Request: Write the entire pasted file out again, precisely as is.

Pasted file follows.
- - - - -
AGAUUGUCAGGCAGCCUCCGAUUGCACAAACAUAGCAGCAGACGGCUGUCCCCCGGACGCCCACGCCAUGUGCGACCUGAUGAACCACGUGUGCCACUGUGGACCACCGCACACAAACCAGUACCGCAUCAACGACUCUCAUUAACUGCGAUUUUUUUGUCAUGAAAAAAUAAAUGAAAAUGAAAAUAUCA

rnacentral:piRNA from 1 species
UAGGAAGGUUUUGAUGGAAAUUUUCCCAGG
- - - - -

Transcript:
AGAUUGUCAGGCAGCCUCCGAUUGCACAAACAUAGCAGCAGACGGCUGUCCCCCGGACGCCCACGCCAUGUGCGACCUGAUGAACCACGUGUGCCACUGUGGACCACCGCACACAAACCAGUACCGCAUCAACGACUCUCAUUAACUGCGAUUUUUUUGUCAUGAAAAAAUAAAUGAAAAUGAAAAUAUCA

rnacentral:piRNA from 1 species
UAGGAAGGUUUUGAUGGAAAUUUUCCCAGG